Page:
Military style has permeated civilian fashion for decades, and wardrobe staples ranging from the peacoat to the white t-shirt can trace their roots back to combat garb. In Military Style Invades Fashion, Timothy Godbold explores this cultural trend in thematic chapters such as Ceremony, Campaign, Legionnaire and Nautical, among others. Along with text explaining the historical significance of different garments and the implications of wearing them in a civilian setting, the book includes 180 photographs from the runways, streets and fashion campaigns, highlighting garments derived from the armed forces. One part cultural commentary, another part fashion reference book, Military Style Invades Fashion is a required read for anyone interested in the history of their bomber jacket.
Editor’s Note: The following excerpt is from Military Style Invades Fashion by Timothy Godbold (Phaidon). Copyright 2016.
For well over a century, fashion has rummaged through the soldier’s kitbag. The trench coats, aviator jackets, drab green fatigues, parkas, T-shirts and camouflage regularly available from fashion brands worldwide, are based on uniform fit for military action rather than ceremonial display; designed for practicality rather than exaggeration, for blending in rather than standing out.
The oldest is also the most familiar: the trench coat, as worn by everyone from Humphrey Bogart to Beyoncé. It owed its creation to the English tailor Thomas Burberry, who designed it in 1879 after inventing waterproof gabardine — but it owed its popularity to its adoption by British officers on the Western Front in World War I. With epaulettes to display rank and a chest flap to cover a gun, the coat was light but weatherproof. After the war it was adopted by Hollywood, and began its long association with glamour. Decades later, Burberry offered a trench coat in silk taffeta — and the last place anyone would wear it would be in the rain.
Out of sight — literally — the t-shirt was introduced by the US Navy during the Spanish-American War in 1898. It was intended as an undergarment, however, and was kept hidden by everyone except manual laborers until after World War II, when army surplus filled the bins of thrift stores and the t-shirt became beloved of the young. The glamorous T-shirt arrived in the 1990s, when Helmut Lang added a logo to make the most humble of garments something for the elite to lust after.
The shearling aviator jacket underwent a similar trajectory from practicality to glamour. Designed in World War II to insulate bomber crews flying at high altitudes, the British RAF’s Irvin jacket was made from thick sheepskin, with a large collar to protect the neck and a waist belt to stop drafts. The US Army Air Force equivalent, the A-2, combined horse leather with elasticated knit at the waist and cuffs. In the 1980s, appearances in movies such as Indiana and the Raiders of the Lost Ark and Top Gun made the A-2 a must-have for the Studio 54 set, worn with jeans, obligatory Ray-Ban Wayfarer sunglasses and, for women, high heels. Fast-forward to Burberry in 2010, and Christopher Bailey’s versions of British RAF aviator jackets prepared the wearer for a very chic urban battlefield indeed.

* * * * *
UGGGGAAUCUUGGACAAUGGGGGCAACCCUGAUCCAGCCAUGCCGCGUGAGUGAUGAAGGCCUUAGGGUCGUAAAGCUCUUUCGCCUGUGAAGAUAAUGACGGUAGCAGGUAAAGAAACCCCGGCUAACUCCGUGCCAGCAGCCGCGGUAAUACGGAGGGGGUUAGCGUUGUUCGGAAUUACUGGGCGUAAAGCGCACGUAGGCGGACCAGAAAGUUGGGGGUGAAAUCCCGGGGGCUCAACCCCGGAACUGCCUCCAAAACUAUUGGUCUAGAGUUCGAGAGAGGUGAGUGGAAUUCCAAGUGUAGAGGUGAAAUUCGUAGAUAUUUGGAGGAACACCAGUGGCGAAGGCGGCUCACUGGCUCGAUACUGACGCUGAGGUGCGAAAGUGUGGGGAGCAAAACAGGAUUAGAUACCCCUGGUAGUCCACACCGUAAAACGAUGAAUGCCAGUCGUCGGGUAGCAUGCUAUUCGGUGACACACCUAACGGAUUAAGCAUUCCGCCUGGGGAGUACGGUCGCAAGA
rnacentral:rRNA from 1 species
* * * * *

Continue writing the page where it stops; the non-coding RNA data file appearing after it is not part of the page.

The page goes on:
The clothes we wear create our own personal mythology, so youth gangs and political movements are particularly drawn to the subversive associations of clothes linked to military discipline and order. In the 1960s, English Mods appropriated the green army parka, while US hippies adopted khaki or camouflage drill jackets and US Navy bell-bottoms to denounce the Vietnam War (it didn’t hurt that military surplus was usually cheap). At the end of the twentieth century, camouflage on the streets reflected the dusty, sandy battlefields of Helmand and Fallujah where the War on Terror was being waged.
Since armies first adopted camouflage early in the twentieth century, they have employed artists to develop increasingly effective patterns that work in specific environments, including famous artists such as Ellsworth Kelly, Arshile Gorky and Grant Wood. The latest generations are far removed from the irregular “jigsaw” splotches of different tones. The Germans and Danes use stippled Flecktarn patterns, while the Americans and Canadians use pixilated ‘digital’ patterns.
The print broke through to mainstream fashion in the 1990s, when camouflage trousers were ubiquitous and commonly teamed with Timberland boots. Since then, camouflage has become a staple from the hip-hop stage to the couture catwalk: John Galliano designed a sensuous, silk camouflage evening dress for Christian Dior in 2001, Louis Vuitton produced camouflage luggage, the pop star Rihanna wore Christopher Kane camouflage sweat pants, and Instagram star Kim Kardashian wore designer camouflage for everything from formal dresses to leisure wear. Donatella Versace responded to the US Army’s issue of new kit by designing her own camouflage for the Versace Spring 2015 military-inspired collection: “Donatella Versace’s army aims to make love, not war,” announced Laird Borrelli-Persson writing Vogue US’s review of the collection, “There’s no mistaking a Versace girl, even one in camouflage.”
The enduring popularity of camouflage reflects a deep appeal that goes beyond its early uses as political statement and subcultural associations. Everyday clothing such as t-shirts, parkas and trench coats have become so integrated into the ordinary fashion vocabulary that they have long lost their ties with their military origins. Designed for practicality, comfort and durability, combat style has proved to be a champion of the off-duty look.
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